might see that a man writes what he ought not. The 
history of Eusebius was brought down to the epoch of 
the defeat of Licinius, in 323 ; all the authorities which I 
have quoted, hitherto, were anterior to this event. 


The essayist concedes- to us, from that period forward, 
the host of writers who admit the truth of the fact. 
However, this concession is made with a very bad grace, 
for, in the first place, it is asserted that in obedience to 
a decision of the Council of Trent, their works have been 
garbled, and in the next place, that the ancient and 
modern authors who have copied from Eusebius were gen- 
erally too much interested to render the fact credible. I 
have already disposed of this first statement. 

I shall here make what appears to me a very natural 
observation. It is conceded by the essayist that at the 
early period of the fourth century it was publicly stated 
that St. Peter suffered martyrdom in Rome. He would 
not, I presume, deny that the Bishops of Rome did at 
that period claim a supremacy in the Church, because of 
their being the successors in his See. He would not, I 
suppose, deny that then, and for many years after, several 
bishops and their flocks not only submitted to that claim, 
but strenuously supported it. Consequently, is it not pass- 
ing strange, that from the mass of ancient authors he 
cannot cite one passage to question the truth of what all 
the ancient writers assert? Surely the Council of Trent, 
which was opened in 1545, could not have purged the 


Fathers before the time of Arius in 320, of Macedonius 
in 360, of Nestorius in 430, of Eutyches in 450, of 
Heraclius in 640, of Constans in 668, of Leo the Isaurian 
in 740, or of Photius in 880. All those men and their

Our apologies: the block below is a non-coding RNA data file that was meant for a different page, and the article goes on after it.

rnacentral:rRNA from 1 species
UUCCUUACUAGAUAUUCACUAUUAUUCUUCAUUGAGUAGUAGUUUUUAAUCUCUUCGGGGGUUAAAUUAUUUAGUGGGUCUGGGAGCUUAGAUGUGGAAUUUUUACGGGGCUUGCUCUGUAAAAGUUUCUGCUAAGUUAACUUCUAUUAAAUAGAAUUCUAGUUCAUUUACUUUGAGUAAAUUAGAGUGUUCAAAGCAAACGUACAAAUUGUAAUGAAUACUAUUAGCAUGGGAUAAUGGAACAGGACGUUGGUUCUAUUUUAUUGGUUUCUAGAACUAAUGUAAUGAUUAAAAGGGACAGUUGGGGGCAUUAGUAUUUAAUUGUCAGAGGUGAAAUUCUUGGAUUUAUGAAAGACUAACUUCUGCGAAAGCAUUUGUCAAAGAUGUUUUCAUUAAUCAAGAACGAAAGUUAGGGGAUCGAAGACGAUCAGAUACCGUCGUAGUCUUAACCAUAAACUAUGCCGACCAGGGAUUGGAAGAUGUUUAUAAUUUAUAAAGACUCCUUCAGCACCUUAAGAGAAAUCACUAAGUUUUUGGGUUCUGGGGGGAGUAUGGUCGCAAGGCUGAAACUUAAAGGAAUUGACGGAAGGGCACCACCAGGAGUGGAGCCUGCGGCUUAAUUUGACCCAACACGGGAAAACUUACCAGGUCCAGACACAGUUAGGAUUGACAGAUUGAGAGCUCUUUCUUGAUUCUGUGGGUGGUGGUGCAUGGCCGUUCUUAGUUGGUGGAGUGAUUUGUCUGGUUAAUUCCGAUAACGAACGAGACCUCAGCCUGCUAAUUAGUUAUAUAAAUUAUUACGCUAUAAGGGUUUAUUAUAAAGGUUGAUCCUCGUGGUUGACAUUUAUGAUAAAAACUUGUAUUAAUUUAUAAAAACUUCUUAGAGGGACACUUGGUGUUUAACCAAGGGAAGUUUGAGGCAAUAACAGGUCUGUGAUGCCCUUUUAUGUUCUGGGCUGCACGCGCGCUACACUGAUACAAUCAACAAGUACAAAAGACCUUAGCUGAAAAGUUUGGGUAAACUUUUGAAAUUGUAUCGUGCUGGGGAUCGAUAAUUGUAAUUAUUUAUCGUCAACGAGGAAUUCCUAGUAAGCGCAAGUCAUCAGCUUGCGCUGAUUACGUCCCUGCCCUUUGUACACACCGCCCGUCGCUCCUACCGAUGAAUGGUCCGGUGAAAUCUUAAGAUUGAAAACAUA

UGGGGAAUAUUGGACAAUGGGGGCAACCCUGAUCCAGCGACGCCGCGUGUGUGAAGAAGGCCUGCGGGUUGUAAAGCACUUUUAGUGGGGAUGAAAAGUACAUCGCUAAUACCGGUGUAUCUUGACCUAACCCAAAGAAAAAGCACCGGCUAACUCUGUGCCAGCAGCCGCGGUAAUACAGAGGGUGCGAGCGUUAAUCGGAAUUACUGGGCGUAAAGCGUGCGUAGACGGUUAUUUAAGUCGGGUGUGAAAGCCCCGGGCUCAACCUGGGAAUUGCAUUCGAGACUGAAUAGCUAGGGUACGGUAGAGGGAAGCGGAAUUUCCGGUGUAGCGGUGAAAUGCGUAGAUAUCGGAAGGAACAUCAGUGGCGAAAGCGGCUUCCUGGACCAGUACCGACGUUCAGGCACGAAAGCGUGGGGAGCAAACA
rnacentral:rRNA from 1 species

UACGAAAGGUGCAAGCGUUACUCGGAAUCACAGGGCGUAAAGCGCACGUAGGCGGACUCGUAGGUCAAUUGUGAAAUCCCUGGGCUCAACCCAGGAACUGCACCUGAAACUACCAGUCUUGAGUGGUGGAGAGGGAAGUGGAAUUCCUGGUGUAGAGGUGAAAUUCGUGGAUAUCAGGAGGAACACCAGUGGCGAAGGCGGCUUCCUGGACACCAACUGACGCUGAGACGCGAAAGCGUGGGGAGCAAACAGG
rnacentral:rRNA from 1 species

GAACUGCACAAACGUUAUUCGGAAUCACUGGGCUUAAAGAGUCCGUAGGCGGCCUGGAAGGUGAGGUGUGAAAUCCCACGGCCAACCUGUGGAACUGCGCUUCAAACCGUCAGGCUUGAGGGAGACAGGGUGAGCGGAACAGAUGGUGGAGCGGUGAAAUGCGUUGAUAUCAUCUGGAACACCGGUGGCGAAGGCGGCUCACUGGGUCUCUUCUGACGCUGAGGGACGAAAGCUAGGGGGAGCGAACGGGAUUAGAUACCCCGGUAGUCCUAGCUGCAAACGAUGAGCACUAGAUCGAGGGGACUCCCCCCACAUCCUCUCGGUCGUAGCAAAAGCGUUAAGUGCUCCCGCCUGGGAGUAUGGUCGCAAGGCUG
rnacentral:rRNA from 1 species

followers and adherents opposed the Bishops of Rome, and 
were condemned by those prelates. Yet not one syllable 
do they urge in denial of the martyrdom of Peter at 
Rome ; not one of them attempts to deny the notorious 
fact that the Bishops of that See were, in their episcopacy 
thereof, the successors of that Apostle. I presume we shall 
not be told that those opponents were interested in making 
it credible. 

Shall we be told that the prelates, the divines, and the 
critics of the Protestant Church of England are interested 
in rendering it credible? No nation, no Church, can boast 
of brighter genius, more varied talent, deeper erudition, 
and more general scholarship, than is to be found in the 
ratio of their numbers in that national Church. It is true 
that in the fury of their early efforts against Popery, as 
was the phrase of the day, neither John Knox in Scot- 
land nor the Mussulman in the East made a more holy 
havoc of the documents of ancient days. As the Bible 
with the one and the Koran with the other Avere the only 
books which contained true knowledge, and were worthy of 
the believer's attention, so after being stripped of the 
mammon of iniquity with which their covers and cases 
were enriched, whole hecatombs of ungodly parchments were 
offered as holocausts to the spirit of innovation. Yet still, 
as the "monkish" collection was immense, and the zeal of 
the ravagers was after a time restrainei, the learned men, 
who subsequently arose in the English Church, had ample 
opportunities for indulging their critical and antiquarian 
research. To the testimony of Archbishop AVake, Bishop 
Pearson, Dodwell, Cave, and a host of this description, I 
would merely add the following remark of the acute 
Winston : 

" Mr. Bower, with some weak Protestants before him, 
almost pretended to deny that St. Peter was ever in 


Rome; concerning which matter take my own former words 
out of my three Tracts, p. 53. Mr. Baratier proves most 
thoroughly, as Bishop Pearson lias done before him, that 
St. Peter was at Rome. This is so clear in Christian 
antiquity, that it is a shame for any Protestant to con- 
fess that any Protestant ever denied it. This partial pro- 
cedure demonstrates that Mr. Bower has by no means got 
clear of the prejudices of some Protestants, as an impar- 
tial writer of history, which he strongly pretends to be, 
ought to do, and has in this case greatly hurt the Pro- 
testant cause instead of helping it." x